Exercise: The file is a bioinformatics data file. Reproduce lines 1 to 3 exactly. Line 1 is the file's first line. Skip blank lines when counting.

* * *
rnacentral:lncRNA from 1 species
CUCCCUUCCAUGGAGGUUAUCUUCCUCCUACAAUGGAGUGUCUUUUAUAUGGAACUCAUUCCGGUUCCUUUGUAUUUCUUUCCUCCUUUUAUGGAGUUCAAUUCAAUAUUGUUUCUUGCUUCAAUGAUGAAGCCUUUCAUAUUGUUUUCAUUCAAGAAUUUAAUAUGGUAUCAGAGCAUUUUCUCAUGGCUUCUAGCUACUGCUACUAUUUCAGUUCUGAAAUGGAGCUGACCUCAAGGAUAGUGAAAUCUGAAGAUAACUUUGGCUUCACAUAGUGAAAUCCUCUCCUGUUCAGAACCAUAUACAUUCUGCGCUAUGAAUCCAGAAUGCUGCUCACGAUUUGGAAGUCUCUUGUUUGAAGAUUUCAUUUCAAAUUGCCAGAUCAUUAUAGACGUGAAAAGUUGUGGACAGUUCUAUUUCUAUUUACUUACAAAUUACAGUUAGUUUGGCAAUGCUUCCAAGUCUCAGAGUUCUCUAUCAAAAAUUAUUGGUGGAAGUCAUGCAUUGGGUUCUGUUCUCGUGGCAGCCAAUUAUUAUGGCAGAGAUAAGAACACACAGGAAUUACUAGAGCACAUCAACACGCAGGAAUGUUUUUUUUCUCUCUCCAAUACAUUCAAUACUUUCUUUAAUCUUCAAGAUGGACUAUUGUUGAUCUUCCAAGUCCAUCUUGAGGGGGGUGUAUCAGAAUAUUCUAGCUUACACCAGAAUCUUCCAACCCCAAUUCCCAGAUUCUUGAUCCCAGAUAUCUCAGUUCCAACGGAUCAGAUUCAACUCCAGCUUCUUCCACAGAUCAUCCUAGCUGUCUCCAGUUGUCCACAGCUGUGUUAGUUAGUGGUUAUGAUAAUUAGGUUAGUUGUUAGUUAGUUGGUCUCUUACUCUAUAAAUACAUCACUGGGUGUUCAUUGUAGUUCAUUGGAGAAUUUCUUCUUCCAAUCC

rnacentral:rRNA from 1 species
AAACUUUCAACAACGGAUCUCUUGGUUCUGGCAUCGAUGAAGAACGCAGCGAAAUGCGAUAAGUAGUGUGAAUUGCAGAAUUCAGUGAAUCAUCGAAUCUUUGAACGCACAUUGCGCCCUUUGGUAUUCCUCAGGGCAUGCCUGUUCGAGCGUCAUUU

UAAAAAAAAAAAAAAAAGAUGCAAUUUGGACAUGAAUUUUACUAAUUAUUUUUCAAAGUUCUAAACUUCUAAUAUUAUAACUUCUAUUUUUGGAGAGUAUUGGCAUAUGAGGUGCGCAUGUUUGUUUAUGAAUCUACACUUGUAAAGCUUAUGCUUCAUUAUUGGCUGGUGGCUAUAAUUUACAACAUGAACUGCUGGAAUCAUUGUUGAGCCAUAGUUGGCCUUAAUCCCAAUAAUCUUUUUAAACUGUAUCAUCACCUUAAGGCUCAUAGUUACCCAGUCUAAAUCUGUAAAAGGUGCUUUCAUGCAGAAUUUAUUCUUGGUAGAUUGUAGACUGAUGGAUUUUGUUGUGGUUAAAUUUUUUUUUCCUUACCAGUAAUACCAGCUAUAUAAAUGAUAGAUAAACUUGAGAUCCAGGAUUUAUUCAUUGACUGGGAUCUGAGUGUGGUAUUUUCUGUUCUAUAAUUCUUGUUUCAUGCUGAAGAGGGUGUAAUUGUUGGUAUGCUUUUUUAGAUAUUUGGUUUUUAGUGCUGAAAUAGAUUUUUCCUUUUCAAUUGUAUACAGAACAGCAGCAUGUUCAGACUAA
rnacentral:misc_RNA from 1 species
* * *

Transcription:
rnacentral:lncRNA from 1 species
CUCCCUUCCAUGGAGGUUAUCUUCCUCCUACAAUGGAGUGUCUUUUAUAUGGAACUCAUUCCGGUUCCUUUGUAUUUCUUUCCUCCUUUUAUGGAGUUCAAUUCAAUAUUGUUUCUUGCUUCAAUGAUGAAGCCUUUCAUAUUGUUUUCAUUCAAGAAUUUAAUAUGGUAUCAGAGCAUUUUCUCAUGGCUUCUAGCUACUGCUACUAUUUCAGUUCUGAAAUGGAGCUGACCUCAAGGAUAGUGAAAUCUGAAGAUAACUUUGGCUUCACAUAGUGAAAUCCUCUCCUGUUCAGAACCAUAUACAUUCUGCGCUAUGAAUCCAGAAUGCUGCUCACGAUUUGGAAGUCUCUUGUUUGAAGAUUUCAUUUCAAAUUGCCAGAUCAUUAUAGACGUGAAAAGUUGUGGACAGUUCUAUUUCUAUUUACUUACAAAUUACAGUUAGUUUGGCAAUGCUUCCAAGUCUCAGAGUUCUCUAUCAAAAAUUAUUGGUGGAAGUCAUGCAUUGGGUUCUGUUCUCGUGGCAGCCAAUUAUUAUGGCAGAGAUAAGAACACACAGGAAUUACUAGAGCACAUCAACACGCAGGAAUGUUUUUUUUCUCUCUCCAAUACAUUCAAUACUUUCUUUAAUCUUCAAGAUGGACUAUUGUUGAUCUUCCAAGUCCAUCUUGAGGGGGGUGUAUCAGAAUAUUCUAGCUUACACCAGAAUCUUCCAACCCCAAUUCCCAGAUUCUUGAUCCCAGAUAUCUCAGUUCCAACGGAUCAGAUUCAACUCCAGCUUCUUCCACAGAUCAUCCUAGCUGUCUCCAGUUGUCCACAGCUGUGUUAGUUAGUGGUUAUGAUAAUUAGGUUAGUUGUUAGUUAGUUGGUCUCUUACUCUAUAAAUACAUCACUGGGUGUUCAUUGUAGUUCAUUGGAGAAUUUCUUCUUCCAAUCC

rnacentral:rRNA from 1 species